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I posted this under the acne research section, but I don't know how many people look in that section - so I'm posting it here too.

Successful Treatment of Acne Vulgaris Using a New Method

Results of a Randomized Vehicle-Controlled Trial of Short-Contact Therapy With 0.1% Tazarotene Gel

Susan Bershad, MD; Giselle Kranjac Singer, BS; Janice E. Parente, PhD; Mei-Heng Tan, MD; Daniel W. Sherer, MD; Andrea N. Persaud, MD; Mark Lebwohl, MD

Arch Dermatol. 2002;138:481-489.

ABSTRACT

Context: Short-contact application of 0.1% tazarotene gel for acne was devised to minimize local adverse effects. Its efficacy and safety are unknown.

Objectives: To assess acne improvement and tolerability during 12 weeks of short-contact treatment with 0.1% tazarotene gel vs a nonmedicated gel control.

Design: A randomized, masked, vehicle-controlled trial.

Setting: Outpatient facilities at an urban medical school and an affiliated suburban office practice.

Participants: Ninety-nine volunteers with facial acne were enrolled; 81 completed the study.

Intervention: Thirty-three patients were randomly assigned to each of 3 groups: T + T applied 0.1% tazarotene gel twice daily, T + V applied 0.1% tazarotene gel once daily and vehicle gel once daily, and V + V applied vehicle gel twice daily. Patients adjusted the contact period as tolerated, between 30 seconds and 5 minutes per application.

Main Outcome Measures: Acne efficacy by reduction in acne lesions, treatment success (50%-100% improvement in global response to treatment) and improvement in overall disease severity. Local adverse effects, scored from none to severe.

Results By week 12: T + T and T + V achieved significantly greater improvement in acne than V + V based on mean percentage reduction in noninflammatory lesions (46% and 41% vs 2%; P = .002) and inflammatory lesions (38% and 34% vs 9%; P = .01), percentage of treatment successes (64% and 61% vs 15%; P<.001), and reduction in overall disease severity (30% and 29% vs 3%; P<.001). Local adverse effects did not differ significantly among the 3 groups after week 4.

Conclusion: Short-contact 0.1% tazarotene gel therapy is a safe and effective new method of acne treatment.

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what do they mean by "vehicle"?...or is that just the placebo/control substance?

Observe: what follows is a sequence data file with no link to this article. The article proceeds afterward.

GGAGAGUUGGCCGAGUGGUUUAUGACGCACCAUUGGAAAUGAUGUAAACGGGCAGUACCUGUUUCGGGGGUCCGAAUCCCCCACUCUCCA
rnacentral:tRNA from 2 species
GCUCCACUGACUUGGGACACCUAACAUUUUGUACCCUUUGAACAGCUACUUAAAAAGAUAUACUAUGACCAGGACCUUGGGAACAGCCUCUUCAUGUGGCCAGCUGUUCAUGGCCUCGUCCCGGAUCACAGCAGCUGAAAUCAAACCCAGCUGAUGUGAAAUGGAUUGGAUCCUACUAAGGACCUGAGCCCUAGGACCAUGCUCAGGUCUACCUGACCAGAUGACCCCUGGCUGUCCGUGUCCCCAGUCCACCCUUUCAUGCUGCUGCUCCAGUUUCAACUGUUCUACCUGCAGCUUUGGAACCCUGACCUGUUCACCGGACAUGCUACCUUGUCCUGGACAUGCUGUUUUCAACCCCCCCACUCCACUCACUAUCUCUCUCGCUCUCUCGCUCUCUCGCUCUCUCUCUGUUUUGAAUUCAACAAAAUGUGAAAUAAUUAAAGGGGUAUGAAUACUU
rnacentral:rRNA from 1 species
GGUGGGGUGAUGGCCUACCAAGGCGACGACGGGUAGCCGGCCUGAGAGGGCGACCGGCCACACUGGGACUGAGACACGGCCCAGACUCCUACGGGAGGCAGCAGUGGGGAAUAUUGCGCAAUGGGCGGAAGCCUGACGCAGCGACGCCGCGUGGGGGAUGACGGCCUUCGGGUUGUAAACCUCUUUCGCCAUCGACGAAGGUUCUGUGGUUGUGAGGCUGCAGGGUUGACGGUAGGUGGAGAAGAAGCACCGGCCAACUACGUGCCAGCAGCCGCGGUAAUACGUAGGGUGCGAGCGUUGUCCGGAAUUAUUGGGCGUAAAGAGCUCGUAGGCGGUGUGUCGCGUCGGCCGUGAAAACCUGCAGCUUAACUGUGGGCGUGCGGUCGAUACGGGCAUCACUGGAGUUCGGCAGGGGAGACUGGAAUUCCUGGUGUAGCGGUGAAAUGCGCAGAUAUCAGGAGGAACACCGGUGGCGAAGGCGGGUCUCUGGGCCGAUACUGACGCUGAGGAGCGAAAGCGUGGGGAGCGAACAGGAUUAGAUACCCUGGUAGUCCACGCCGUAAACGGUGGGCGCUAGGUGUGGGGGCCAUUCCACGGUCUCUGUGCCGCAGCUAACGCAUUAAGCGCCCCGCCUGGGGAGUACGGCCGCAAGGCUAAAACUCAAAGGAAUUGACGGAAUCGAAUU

also, they said they had the patients vary the contact time from 30 secs to 5 mins as can be tolerated by the patient...does that mean that after 5 mins (at the most), the patients washed the tazorac off their skin?

can someone please dumb this down a little bit? otherwise, good post :)

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what do they mean by "vehicle"?...or is that just the placebo/control substance?

also, they said they had the patients vary the contact time from 30 secs to 5 mins as can be tolerated by the patient...does that mean that after 5 mins (at the most), the patients washed the tazorac off their skin?

can someone please dumb this down a little bit? otherwise, good post :)

what he said

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what do they mean by "vehicle"?...or is that just the placebo/control substance?

also, they said they had the patients vary the contact time from 30 secs to 5 mins as can be tolerated by the patient...does that mean that after 5 mins (at the most), the patients washed the tazorac off their skin?

can someone please dumb this down a little bit? otherwise, good post :)

Sure - its only the abstract summary from the study, so it doesn't have all the details. The vehicle is the placebo substance - its the same vehicle gel (minus the Tazorac) used to deliver the tazorac to those not in the control group. And yes, they washed the Taz off after 30 sec to 5 min at the most (they worked up to the 5 min, and were allowed to back off to lower time spans if they got any irritation).

I tried to attach the full verision of the study, but it takes up too much attachment space. I'm trying to figure out how to post a link. If I figure it out, I'll post it here.

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My daughter was prescribed this today (at age 8!). She was told to leave it on for 2 minutes and wash it off. (of course I oversee the whole thing)

It seems pretty drastic stuff for juvenile acne, but she had one cyst so he started with this. Is there initial breakout with this stuff?? Anyone know?

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When I started my Tazarac treatment, it made my skin itch tremendously and so I had to be careful how much I used. The acne got better after 6 months of using it. Now 3 years later, I've become immune to it and it doesn't work for me at all, other than dry out my skin. I tried everything for my cystic acne and now nothing works for me. My problem is hormonal.

Anyhow, good luck.

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